Bunker Mentality: Closing the Book on Finding Family

After decades of wondering and not knowing about my birth parents or possible family, the long journey was almost over with the discovery of two half-sisters, identification of my natural parents and a bit of history.

My significant other, the Yard Sale Queen, mentioned that the final chapter hadn’t been written until I visited the place that nurtured me in its nursery, conducted the background check and finally handed me over to my adoptive parents months after my birth.

I always listen to the Yard Sale Queen (wink). So, we set out this summer on a vacation with a planned visit to The Cradle in Evanston, Illinois, just north of Chicago. The building is directly across the street from Northwestern University.

It was the adoption agency’s location that set off rumors about the identity of my birth parents. Decades ago, my adoptive father told me that he thought my natural father was a Northwestern University professor and my natural mother was a coed at the school. Wrong!

Last year, I discovered that my natural father was a travelling salesman, with a proverbial “Little Black Book,” while my birth mother worked at one of the businesses he served.

During the search for my roots, I learned through non-identifiable information The Cradle could legally release that the nurses at The Cradle nicknamed me Reed. I want you readers to remember that name.

In June, The Yard Sale Queen and I hopped in the Chevy Trax and made tracks for the Chicago area. We endured countless tolls, neglected Interstate highway in Indiana and a Sunday bumper-to-bumper traffic jam on the Interstate in downtown Chicago that made the Capital Beltway during a morning commute look like a free flowing river.

Early Monday morning, we arrived at The Cradle to receive a pre-arranged tour of the facility that has been in business since 1923. The adoption agency was founded by Florence Walrath after she helped her sister find a child to adopt due to her sister’s loss of a child. Mrs. Walrath’s success for her sister had others asking for help adopting. The rest is history.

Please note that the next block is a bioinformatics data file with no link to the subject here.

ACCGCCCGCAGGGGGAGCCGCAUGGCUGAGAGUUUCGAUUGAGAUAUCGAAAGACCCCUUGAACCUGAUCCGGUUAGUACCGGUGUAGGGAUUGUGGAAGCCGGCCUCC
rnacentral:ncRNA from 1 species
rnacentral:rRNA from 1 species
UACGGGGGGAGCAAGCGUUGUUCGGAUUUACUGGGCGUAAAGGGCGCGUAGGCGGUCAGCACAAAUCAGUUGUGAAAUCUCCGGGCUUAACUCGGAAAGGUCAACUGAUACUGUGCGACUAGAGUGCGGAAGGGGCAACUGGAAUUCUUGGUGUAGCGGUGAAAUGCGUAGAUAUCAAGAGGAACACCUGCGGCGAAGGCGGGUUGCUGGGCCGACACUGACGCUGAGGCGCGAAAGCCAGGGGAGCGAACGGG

Since its founding, The Cradle, one of the premier adoption agencies in the nation and the only one with a nursery on premises, has placed more than 15,000 children with adoptive parents. The agency provides support in all forms as well as an extensive and comprehensive process to ensure children are placed in quality homes. It also provides after adoption support as needed.

The tour explained the start-up of the adoption agency in a residence and later expansion to its current facility next to the original home. On the ground floor, there is a mini-museum, which recreates a 1950s nursery, complete with cribs and equipment.

Adoptive children are born in area hospitals and after a short stay brought to the nursery until the child leaves with its adoptive parents.

However, today’s nursery is more spacious and modern. Volunteers, called “cuddlers,” spend countless hours feeding, holding, rocking and talking to the infants during their stay in the nursery.

The agency has helped several famous celebrities adopt children. George Burns and Gracie Allen, Al Jolson, Pearl Buck and football star Gayle Sayers all adopted children. Comedian Bob Hope adopted several children from The Cradle.

When I saw one picture of a movie star on the wall of celebrity adopters, I paused. Remembering that my nickname was Reed while at The Cradle, I gazed at a photo of Donna Reed who also adopted a child. In fact she adopted about the same time I was in the nursery. Why I wasn’t the pick of the litter?

My name could have been Reed Reed.

Unless more information surfaces about other half-siblings, beside Judie and Linda, the final chapter has been written on this fascinating journey. The Yard Sale Queen closed the book.

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